<p><b>OBJECTIVE</b>To observe the effect of comprehensive rehabilitation treatment on hand burn, and to make a cost-effectiveness analysis.</p><p><b>METHODS</b>Sixty-two patients with ninety-eight affected hands were divided into rehabilitation group (32 cases, 48 hands) and control group (30 cases, 50 hands). Patients in rehabilitation group received comprehensive rehabilitation treatment at early stage after burn; patients in control group were given instructions for function training at the same time. The functions of the hands to be restored including grasp, hold, pinch, nip, forearm pronation and supination, fetching, laying, and writing abilities of patients in both groups were quantitatively evaluated with Carroll's upper extremity function test before treatment and 5 months after. Direct medical costs of patients in both groups within 5 months were respectively added up to make a cost-effectiveness analysis.</p><p><b>RESULTS</b>In rehabilitation group, function of digital opposition, palmar opposition, holding, and pinching of 37 hands recovered well, with which patients could pick food, put on clothes, go to toilet, and self-care etc. independently. Function of digital opposition, palmar opposition, holding, pinching half recovered in 7 hands, accompanied with well recovered of metacarpophalangeal function, but recovery of function of interphalangeal joint was less satisfactory. Although patients could grasp and hold, they were still poor in fine and harmonized activities. Joint ranges of motion of 4 hands were poor with limited function, and this was resulted from not strictly following treatment for remaining granulation wound. In control group, 23 hands received reconstructive surgery, 14 of them recovered with good function, but were poor in most of fine and harmonized activities. Severe claw hands were found in 13 hands. The ratio between total mean cost value and total function increment value in rehabilitation group (181 +/- 11) was obviously lower than that in control group (298 +/- 30, P < 0.01).</p><p><b>CONCLUSIONS</b>Comprehensive rehabilitation treatment at early stage after hand burn has a good effect on prevention and treatment of hand deformity, promoting recovery of hand function and improving hand appearance. It is also less costly.</p>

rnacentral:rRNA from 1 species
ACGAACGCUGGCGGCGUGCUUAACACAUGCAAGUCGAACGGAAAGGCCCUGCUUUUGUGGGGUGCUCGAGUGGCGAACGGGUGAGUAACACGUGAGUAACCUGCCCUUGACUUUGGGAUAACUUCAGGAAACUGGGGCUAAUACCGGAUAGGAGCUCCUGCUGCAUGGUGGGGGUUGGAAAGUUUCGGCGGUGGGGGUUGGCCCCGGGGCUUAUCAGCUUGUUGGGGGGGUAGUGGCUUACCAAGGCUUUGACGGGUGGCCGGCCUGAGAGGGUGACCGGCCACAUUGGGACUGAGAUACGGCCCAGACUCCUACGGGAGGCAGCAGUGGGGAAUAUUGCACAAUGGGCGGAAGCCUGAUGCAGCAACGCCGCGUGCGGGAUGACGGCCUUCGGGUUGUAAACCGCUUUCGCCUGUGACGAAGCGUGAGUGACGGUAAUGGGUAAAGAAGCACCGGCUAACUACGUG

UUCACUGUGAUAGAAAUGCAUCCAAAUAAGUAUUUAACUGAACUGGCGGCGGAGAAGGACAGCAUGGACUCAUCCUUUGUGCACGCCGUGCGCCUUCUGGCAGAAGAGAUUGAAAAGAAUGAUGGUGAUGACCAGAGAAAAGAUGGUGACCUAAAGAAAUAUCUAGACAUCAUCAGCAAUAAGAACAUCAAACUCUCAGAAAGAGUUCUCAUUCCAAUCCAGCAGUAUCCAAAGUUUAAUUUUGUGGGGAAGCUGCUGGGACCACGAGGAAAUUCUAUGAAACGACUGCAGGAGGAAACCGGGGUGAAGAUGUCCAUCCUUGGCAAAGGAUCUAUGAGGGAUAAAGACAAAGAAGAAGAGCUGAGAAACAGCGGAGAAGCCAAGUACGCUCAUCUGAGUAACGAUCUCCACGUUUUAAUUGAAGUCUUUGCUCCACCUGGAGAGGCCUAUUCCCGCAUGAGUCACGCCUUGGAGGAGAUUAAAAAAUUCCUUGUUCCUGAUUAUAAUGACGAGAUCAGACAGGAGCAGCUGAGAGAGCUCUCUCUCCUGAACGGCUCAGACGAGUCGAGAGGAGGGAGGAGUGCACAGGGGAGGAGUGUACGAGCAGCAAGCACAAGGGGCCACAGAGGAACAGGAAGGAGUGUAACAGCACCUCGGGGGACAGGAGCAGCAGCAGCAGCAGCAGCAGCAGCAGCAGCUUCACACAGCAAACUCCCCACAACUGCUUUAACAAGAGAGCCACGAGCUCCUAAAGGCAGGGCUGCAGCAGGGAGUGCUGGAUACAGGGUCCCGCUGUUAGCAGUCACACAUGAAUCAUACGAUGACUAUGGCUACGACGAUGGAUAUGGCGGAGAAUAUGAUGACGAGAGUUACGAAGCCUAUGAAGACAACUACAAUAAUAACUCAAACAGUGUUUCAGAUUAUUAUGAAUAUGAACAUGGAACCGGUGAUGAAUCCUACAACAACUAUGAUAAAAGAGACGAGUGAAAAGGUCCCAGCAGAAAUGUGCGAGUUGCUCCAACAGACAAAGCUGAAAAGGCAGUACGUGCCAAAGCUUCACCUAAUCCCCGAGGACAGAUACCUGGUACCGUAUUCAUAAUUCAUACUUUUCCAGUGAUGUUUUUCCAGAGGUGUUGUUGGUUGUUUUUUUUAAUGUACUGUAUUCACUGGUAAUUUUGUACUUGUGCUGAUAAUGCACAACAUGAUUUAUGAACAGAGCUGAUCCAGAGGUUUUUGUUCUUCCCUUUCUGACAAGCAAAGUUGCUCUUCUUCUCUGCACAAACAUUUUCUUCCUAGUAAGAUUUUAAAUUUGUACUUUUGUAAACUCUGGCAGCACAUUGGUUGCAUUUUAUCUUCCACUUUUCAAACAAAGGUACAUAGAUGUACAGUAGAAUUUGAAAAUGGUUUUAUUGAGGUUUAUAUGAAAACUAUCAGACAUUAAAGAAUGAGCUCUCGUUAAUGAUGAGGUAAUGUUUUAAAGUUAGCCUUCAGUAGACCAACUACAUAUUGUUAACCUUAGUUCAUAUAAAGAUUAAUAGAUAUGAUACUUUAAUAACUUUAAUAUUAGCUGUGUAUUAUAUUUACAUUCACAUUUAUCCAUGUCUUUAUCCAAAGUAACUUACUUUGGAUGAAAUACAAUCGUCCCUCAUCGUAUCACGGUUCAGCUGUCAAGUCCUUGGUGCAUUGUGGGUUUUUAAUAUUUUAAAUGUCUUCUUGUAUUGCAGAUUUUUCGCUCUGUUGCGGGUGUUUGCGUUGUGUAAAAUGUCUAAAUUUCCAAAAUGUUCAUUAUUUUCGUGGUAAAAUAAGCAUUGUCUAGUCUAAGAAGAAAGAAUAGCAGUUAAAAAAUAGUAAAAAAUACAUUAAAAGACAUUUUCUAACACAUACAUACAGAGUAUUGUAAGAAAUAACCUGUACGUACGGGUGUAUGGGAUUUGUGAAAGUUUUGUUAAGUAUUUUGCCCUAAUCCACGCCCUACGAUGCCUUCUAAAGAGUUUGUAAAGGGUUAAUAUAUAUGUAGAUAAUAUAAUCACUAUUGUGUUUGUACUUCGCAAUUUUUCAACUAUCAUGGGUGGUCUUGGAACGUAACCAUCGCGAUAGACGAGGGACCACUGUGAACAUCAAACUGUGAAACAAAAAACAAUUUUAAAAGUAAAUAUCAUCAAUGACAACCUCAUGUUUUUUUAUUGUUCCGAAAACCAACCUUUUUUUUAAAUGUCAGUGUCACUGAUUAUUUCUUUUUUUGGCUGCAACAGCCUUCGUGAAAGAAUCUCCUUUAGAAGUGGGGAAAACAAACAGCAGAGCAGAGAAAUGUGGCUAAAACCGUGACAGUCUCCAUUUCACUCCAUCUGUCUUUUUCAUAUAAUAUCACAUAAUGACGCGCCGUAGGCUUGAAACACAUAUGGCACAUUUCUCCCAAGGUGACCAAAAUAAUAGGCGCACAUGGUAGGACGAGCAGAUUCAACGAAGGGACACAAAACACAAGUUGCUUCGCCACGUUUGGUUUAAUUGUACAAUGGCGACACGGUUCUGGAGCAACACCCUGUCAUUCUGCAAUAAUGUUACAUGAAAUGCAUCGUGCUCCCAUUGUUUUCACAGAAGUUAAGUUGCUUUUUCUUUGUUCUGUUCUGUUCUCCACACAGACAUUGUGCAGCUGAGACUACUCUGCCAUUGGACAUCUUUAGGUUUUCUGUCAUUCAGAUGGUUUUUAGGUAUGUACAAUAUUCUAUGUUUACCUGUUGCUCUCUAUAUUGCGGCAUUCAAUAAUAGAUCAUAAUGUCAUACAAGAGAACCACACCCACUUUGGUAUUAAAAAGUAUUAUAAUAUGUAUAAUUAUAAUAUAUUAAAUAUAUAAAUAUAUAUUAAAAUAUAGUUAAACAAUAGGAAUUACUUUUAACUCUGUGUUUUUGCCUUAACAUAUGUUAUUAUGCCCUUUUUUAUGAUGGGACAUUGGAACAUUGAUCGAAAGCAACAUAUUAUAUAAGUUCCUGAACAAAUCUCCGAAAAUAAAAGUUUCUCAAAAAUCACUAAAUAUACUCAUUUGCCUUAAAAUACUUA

Subject(s)
Adolescent , Adult , Child , Child, Preschool , Female , Humans , Male , Middle Aged , Young Adult , Burns , Rehabilitation , Cost-Benefit Analysis , Hand Injuries , Rehabilitation , Rehabilitation , Economics , Treatment Outcome
17.
Chinese Journal of Burns ; (6): 191-194, 2008.
Article in Chinese | WPRIM | ID: wpr-347617

ABSTRACT

<p><b>OBJECTIVE</b>To observe the effect of static and dynamic splints on recovery of hand functions in burn patients.</p><p><b>METHODS</b>Thirty-two burn patients with 52 injured hands were treated with orthotic splints (single or combined application) during different therapeutic stages. Carroll's upper limb functional test was used to evaluate the function of upper limbs and hands from rough to fine movements, including grasp, pinch, nip, forearm pronation and supination, fetching, etc. The hand functions were compared before and after treatment.</p><p><b>RESULTS</b>There were 7 hands with grade IV function, 15 hands with grade III, 23 hands with grade II, and 7 hands with grade I before treatment, while 9 hands achieved grade IV function, 28 hands grade V, 9 hands grade VI, and 6 hands grade III after treatment for three months. Twenty-eight patients with 46 hands recovered well enough to handle daily chores, including digital opposition, palmar opposition, grasp, pinch, etc.</p><p><b>CONCLUSION</b>The manual splints offer good effects on preventing and treatment scar contracture of hand after burn, and they can promote the recovery of hand functions.</p>


Subject(s)
Adolescent , Adult , Child , Child, Preschool , Female , Humans , Infant , Male , Middle Aged , Young Adult , Burns , Rehabilitation , Contracture , Hand , Physiology , Recovery of Function , Splints
18.
Chinese Journal of Rehabilitation Theory and Practice ; (12): 949-951, 2007.
Article in Chinese | WPRIM | ID: wpr-977633

ABSTRACT

@#Hyperplastic scar and contracture are two mainly respects that contribute to poor functional recovery of the patients after burn.The principles of prevention and management of the scar were reviewed in the article and the methods in facilitating functional recovery were also discussed as well.

19.
Journal of Central South University(Medical Sciences) ; (12): 26-35, 2007.
Article in Chinese | WPRIM | ID: wpr-671459

ABSTRACT